September 25 -- Ireland and the United Kingdom have formally endorsed a Memorandum of Understanding (MoU) designed to safeguard the continuity of natural gas supply in case of disruptions.
The primary aim of this MoU is to fortify existing procedures and foster closer collaboration between both nations and their respective departments to ensure the reliability of natural gas supply. It outlines the specific ways in which the UK and Ireland will cooperate in the event of a reduction or interruption in the supply.
Reported by RTE, this MoU stems from concerns that arose last year, highlighting the possibility of Ireland facing a gas supply cut if the UK encountered shortages.
Natural gas accounts for over 30% of Ireland's energy needs, including half of its electricity generation.
The majority of Ireland's natural gas is currently sourced from the UK, a dependency expected to rise to nearly 90% by 2030 due to declining production from Ireland's Corrib gas field.
In line with Ireland's commitment to achieving net-zero emissions, further fossil fuel extraction is prohibited, and nuclear power generation is also not permitted.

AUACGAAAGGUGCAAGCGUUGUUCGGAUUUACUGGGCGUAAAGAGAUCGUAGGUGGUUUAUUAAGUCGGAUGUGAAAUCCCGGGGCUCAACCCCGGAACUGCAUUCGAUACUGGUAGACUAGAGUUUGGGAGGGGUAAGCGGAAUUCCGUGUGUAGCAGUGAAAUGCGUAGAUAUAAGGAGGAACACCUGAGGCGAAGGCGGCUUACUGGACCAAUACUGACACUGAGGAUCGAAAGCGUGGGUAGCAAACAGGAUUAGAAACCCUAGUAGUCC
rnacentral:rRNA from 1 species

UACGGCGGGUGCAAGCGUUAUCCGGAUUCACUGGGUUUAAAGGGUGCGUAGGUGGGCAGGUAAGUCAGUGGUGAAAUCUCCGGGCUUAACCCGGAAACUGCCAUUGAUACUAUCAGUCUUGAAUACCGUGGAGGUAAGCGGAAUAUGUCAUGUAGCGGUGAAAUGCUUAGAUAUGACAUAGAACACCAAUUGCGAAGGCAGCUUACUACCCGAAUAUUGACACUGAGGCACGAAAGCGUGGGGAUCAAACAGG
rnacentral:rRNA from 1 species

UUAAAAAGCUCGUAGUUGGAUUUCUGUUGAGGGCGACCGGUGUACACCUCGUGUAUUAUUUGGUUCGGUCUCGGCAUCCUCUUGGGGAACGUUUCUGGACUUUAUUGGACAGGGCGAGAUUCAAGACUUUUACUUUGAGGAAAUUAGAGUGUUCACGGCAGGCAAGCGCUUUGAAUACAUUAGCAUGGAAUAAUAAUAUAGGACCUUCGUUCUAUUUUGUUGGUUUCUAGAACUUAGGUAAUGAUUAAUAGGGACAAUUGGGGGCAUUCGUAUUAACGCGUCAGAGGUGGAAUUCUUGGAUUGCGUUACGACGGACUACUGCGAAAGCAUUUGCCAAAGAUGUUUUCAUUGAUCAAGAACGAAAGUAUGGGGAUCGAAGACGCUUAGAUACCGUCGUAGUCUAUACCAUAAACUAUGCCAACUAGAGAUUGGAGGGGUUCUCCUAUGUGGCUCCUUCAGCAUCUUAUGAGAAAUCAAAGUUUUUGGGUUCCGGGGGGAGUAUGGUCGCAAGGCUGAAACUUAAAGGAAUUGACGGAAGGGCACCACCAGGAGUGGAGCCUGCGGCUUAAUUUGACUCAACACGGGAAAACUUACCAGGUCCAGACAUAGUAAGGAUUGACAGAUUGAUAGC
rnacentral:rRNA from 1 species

Ireland presently lacks infrastructure for the import and storage of liquefied natural gas (LNG), with such proposals facing opposition from environmentalists who argue that they would increase reliance on fossil fuels, advocating for alternatives to fracking for natural gas.
The Irish and UK governments also signed an MoU to increase cooperation on developing offshore renewable energy and exploring electricity interconnection avenues.
UK Energy Security Secretary Claire Coutinho said: "As two nations committed to boosting energy resilience and reaching net-zero, today marks a historic moment for the UK and Ireland, as we work more closely together to achieve our shared energy goals.
"Today’s landmark agreements will see us deepen our energy partnership with Ireland, to deliver cheaper, cleaner and more secure energy to our homes and businesses, and grow our economies."
Ireland Minister for the Environment, Climate and Communications, Eamon Ryan said: "In future most of our energy needs will be met by renewable electricity, but as we transition natural gas will play a crucial backup role in Ireland’s energy system.
“I welcome the opportunity to reaffirm and strengthen the well-established arrangements and engagement with the UK as we work to enhance the security of energy supply in parallel to decarbonising our economy."